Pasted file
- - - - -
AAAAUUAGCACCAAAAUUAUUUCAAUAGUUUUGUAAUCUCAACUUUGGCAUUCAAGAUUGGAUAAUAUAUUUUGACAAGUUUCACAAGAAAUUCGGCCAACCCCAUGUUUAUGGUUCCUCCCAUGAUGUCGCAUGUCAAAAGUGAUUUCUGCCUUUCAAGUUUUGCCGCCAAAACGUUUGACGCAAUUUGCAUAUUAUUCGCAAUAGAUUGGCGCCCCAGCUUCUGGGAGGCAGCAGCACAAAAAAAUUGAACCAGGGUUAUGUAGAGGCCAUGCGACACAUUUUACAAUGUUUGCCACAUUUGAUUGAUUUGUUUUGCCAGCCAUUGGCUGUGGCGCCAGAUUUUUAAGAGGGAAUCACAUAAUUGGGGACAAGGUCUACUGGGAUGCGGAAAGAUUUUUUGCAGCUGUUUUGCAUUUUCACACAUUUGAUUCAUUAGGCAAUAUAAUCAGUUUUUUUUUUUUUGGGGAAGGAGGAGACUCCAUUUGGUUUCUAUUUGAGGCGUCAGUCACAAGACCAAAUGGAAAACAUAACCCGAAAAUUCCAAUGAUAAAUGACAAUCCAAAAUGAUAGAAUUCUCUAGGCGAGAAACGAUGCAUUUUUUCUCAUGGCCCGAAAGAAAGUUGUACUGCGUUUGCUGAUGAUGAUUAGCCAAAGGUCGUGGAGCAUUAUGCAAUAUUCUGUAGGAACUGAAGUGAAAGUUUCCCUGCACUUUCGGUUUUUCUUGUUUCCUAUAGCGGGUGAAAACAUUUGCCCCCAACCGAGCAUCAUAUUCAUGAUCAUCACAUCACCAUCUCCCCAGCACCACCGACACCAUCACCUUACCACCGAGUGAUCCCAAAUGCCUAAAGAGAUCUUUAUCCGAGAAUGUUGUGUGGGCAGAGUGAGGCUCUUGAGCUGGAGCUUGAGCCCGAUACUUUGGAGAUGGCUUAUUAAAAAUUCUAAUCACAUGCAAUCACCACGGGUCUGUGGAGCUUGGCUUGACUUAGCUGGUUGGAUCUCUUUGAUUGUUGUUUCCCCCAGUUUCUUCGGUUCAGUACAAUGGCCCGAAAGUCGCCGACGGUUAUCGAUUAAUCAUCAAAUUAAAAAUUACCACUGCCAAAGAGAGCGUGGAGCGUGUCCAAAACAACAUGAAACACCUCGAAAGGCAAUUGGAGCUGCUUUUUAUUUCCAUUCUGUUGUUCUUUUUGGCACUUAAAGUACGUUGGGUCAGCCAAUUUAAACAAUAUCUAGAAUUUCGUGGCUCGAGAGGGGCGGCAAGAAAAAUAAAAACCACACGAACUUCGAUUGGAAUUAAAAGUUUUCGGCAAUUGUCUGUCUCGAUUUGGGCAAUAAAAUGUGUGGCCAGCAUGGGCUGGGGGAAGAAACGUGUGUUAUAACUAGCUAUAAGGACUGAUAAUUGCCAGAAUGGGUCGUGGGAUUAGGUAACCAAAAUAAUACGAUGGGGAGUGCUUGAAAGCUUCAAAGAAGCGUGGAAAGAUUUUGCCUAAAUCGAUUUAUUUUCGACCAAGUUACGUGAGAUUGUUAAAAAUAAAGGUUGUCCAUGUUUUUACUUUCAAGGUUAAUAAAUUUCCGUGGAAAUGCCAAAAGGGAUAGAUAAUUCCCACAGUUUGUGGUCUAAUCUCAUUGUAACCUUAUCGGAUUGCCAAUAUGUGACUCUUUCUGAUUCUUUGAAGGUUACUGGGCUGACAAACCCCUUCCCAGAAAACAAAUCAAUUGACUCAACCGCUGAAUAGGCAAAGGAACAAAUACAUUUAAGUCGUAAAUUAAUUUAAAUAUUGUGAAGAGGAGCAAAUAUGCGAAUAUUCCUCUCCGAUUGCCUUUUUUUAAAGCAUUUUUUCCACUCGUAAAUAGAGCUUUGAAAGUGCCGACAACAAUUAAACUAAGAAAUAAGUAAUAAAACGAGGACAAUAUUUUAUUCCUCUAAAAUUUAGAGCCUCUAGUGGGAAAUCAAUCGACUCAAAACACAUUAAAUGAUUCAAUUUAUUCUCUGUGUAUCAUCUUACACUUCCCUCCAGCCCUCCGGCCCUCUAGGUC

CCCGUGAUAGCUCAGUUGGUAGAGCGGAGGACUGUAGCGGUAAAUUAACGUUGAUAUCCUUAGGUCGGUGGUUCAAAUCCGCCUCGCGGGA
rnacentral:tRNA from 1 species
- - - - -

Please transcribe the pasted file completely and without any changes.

AAAAUUAGCACCAAAAUUAUUUCAAUAGUUUUGUAAUCUCAACUUUGGCAUUCAAGAUUGGAUAAUAUAUUUUGACAAGUUUCACAAGAAAUUCGGCCAACCCCAUGUUUAUGGUUCCUCCCAUGAUGUCGCAUGUCAAAAGUGAUUUCUGCCUUUCAAGUUUUGCCGCCAAAACGUUUGACGCAAUUUGCAUAUUAUUCGCAAUAGAUUGGCGCCCCAGCUUCUGGGAGGCAGCAGCACAAAAAAAUUGAACCAGGGUUAUGUAGAGGCCAUGCGACACAUUUUACAAUGUUUGCCACAUUUGAUUGAUUUGUUUUGCCAGCCAUUGGCUGUGGCGCCAGAUUUUUAAGAGGGAAUCACAUAAUUGGGGACAAGGUCUACUGGGAUGCGGAAAGAUUUUUUGCAGCUGUUUUGCAUUUUCACACAUUUGAUUCAUUAGGCAAUAUAAUCAGUUUUUUUUUUUUUGGGGAAGGAGGAGACUCCAUUUGGUUUCUAUUUGAGGCGUCAGUCACAAGACCAAAUGGAAAACAUAACCCGAAAAUUCCAAUGAUAAAUGACAAUCCAAAAUGAUAGAAUUCUCUAGGCGAGAAACGAUGCAUUUUUUCUCAUGGCCCGAAAGAAAGUUGUACUGCGUUUGCUGAUGAUGAUUAGCCAAAGGUCGUGGAGCAUUAUGCAAUAUUCUGUAGGAACUGAAGUGAAAGUUUCCCUGCACUUUCGGUUUUUCUUGUUUCCUAUAGCGGGUGAAAACAUUUGCCCCCAACCGAGCAUCAUAUUCAUGAUCAUCACAUCACCAUCUCCCCAGCACCACCGACACCAUCACCUUACCACCGAGUGAUCCCAAAUGCCUAAAGAGAUCUUUAUCCGAGAAUGUUGUGUGGGCAGAGUGAGGCUCUUGAGCUGGAGCUUGAGCCCGAUACUUUGGAGAUGGCUUAUUAAAAAUUCUAAUCACAUGCAAUCACCACGGGUCUGUGGAGCUUGGCUUGACUUAGCUGGUUGGAUCUCUUUGAUUGUUGUUUCCCCCAGUUUCUUCGGUUCAGUACAAUGGCCCGAAAGUCGCCGACGGUUAUCGAUUAAUCAUCAAAUUAAAAAUUACCACUGCCAAAGAGAGCGUGGAGCGUGUCCAAAACAACAUGAAACACCUCGAAAGGCAAUUGGAGCUGCUUUUUAUUUCCAUUCUGUUGUUCUUUUUGGCACUUAAAGUACGUUGGGUCAGCCAAUUUAAACAAUAUCUAGAAUUUCGUGGCUCGAGAGGGGCGGCAAGAAAAAUAAAAACCACACGAACUUCGAUUGGAAUUAAAAGUUUUCGGCAAUUGUCUGUCUCGAUUUGGGCAAUAAAAUGUGUGGCCAGCAUGGGCUGGGGGAAGAAACGUGUGUUAUAACUAGCUAUAAGGACUGAUAAUUGCCAGAAUGGGUCGUGGGAUUAGGUAACCAAAAUAAUACGAUGGGGAGUGCUUGAAAGCUUCAAAGAAGCGUGGAAAGAUUUUGCCUAAAUCGAUUUAUUUUCGACCAAGUUACGUGAGAUUGUUAAAAAUAAAGGUUGUCCAUGUUUUUACUUUCAAGGUUAAUAAAUUUCCGUGGAAAUGCCAAAAGGGAUAGAUAAUUCCCACAGUUUGUGGUCUAAUCUCAUUGUAACCUUAUCGGAUUGCCAAUAUGUGACUCUUUCUGAUUCUUUGAAGGUUACUGGGCUGACAAACCCCUUCCCAGAAAACAAAUCAAUUGACUCAACCGCUGAAUAGGCAAAGGAACAAAUACAUUUAAGUCGUAAAUUAAUUUAAAUAUUGUGAAGAGGAGCAAAUAUGCGAAUAUUCCUCUCCGAUUGCCUUUUUUUAAAGCAUUUUUUCCACUCGUAAAUAGAGCUUUGAAAGUGCCGACAACAAUUAAACUAAGAAAUAAGUAAUAAAACGAGGACAAUAUUUUAUUCCUCUAAAAUUUAGAGCCUCUAGUGGGAAAUCAAUCGACUCAAAACACAUUAAAUGAUUCAAUUUAUUCUCUGUGUAUCAUCUUACACUUCCCUCCAGCCCUCCGGCCCUCUAGGUC

CCCGUGAUAGCUCAGUUGGUAGAGCGGAGGACUGUAGCGGUAAAUUAACGUUGAUAUCCUUAGGUCGGUGGUUCAAAUCCGCCUCGCGGGA
rnacentral:tRNA from 1 species